cross-control stall

cross-control stall

A stall entered with crossed controls (i.e., aileron pressure applied in one direction and rudder pressure in the opposite direction). The usual result is spin entry.
An Illustrated Dictionary of Aviation Copyright © 2005 by The McGraw-Hill Companies, Inc. All rights reserved
References in periodicals archive ?
The effect is to increase the airplane's tendency to roll off abruptly in a cross-control stall. A cross-control stall in those airplanes can mean a loss of several hundred feet even if the recovery is done precisely right.
In addition, when excessive back-elevator pressure is applied, a cross-control stall may result.
But so long as you keep the load factor low, you have a buffer over a cross-control stall. Tip: Lift the nose a bit as you roll in and apply that top rudder early.
We consider ease of coordination a safety factor when maneuvering at low speed as an inadvertent stall is bad enough--a cross-control stall almost guarantees a significant wing drop and incipient spin, dramatically increasing the altitude required for a recovery.
But a cross-control stall can result if the combination of low altitude and poor training tricks a pilot into holding a constant bank angle while trying to increase the turn rate with additional rudder input.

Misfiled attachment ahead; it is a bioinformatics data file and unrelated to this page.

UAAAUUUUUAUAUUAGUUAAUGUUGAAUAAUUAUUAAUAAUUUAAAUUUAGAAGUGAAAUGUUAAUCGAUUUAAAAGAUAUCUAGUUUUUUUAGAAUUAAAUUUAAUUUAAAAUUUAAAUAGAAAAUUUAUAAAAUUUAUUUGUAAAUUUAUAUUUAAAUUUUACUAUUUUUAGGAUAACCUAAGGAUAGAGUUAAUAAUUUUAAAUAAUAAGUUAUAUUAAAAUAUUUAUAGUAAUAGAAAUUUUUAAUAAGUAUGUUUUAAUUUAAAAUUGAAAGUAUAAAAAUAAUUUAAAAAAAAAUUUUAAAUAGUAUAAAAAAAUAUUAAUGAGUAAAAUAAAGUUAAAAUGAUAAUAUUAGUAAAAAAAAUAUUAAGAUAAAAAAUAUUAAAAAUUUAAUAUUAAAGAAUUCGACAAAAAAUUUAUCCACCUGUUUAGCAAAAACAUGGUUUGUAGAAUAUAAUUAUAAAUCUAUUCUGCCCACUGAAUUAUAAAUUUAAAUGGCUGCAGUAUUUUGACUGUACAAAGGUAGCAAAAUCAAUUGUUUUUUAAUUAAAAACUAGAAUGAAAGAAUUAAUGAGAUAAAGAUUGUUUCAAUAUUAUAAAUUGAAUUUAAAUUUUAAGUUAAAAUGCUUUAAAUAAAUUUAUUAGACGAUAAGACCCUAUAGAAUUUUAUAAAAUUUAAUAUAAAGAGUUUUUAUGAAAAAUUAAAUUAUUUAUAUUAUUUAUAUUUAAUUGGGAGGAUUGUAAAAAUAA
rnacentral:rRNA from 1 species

The Airplane Flying Handbook again: "In a cross-control stall, the airplane often stalls with little warning.
Unchecked, a cross-control stall is an easy way to put the airplane into a spin.
So can a skidded turn on to final approach with a cross-control stall as the final event in that fatal-accident scenario.
A cross-control stall occurs when--as its name implies--ailerons are deflected in one direction and rudder is in the other.
But--and as the accident record demonstrates--other types of stalls exist, including accelerated and cross-control stalls. Detailed examinations of these two variants are somewhat beyond this article's scope, however.
When maneuvering at low altitude, a cross-control stall in one of these airplanes can be a killer, so much so that it long ago earned the title of "moose stall" (in honor of all of the late Alaskan pilots who hit the ground after a cross-control stall when flying at low altitude to eyeball wildlife).
As long as you keep those cross-control stalls in the front of your mind, the Champ loves to slip and landing is fairly simple.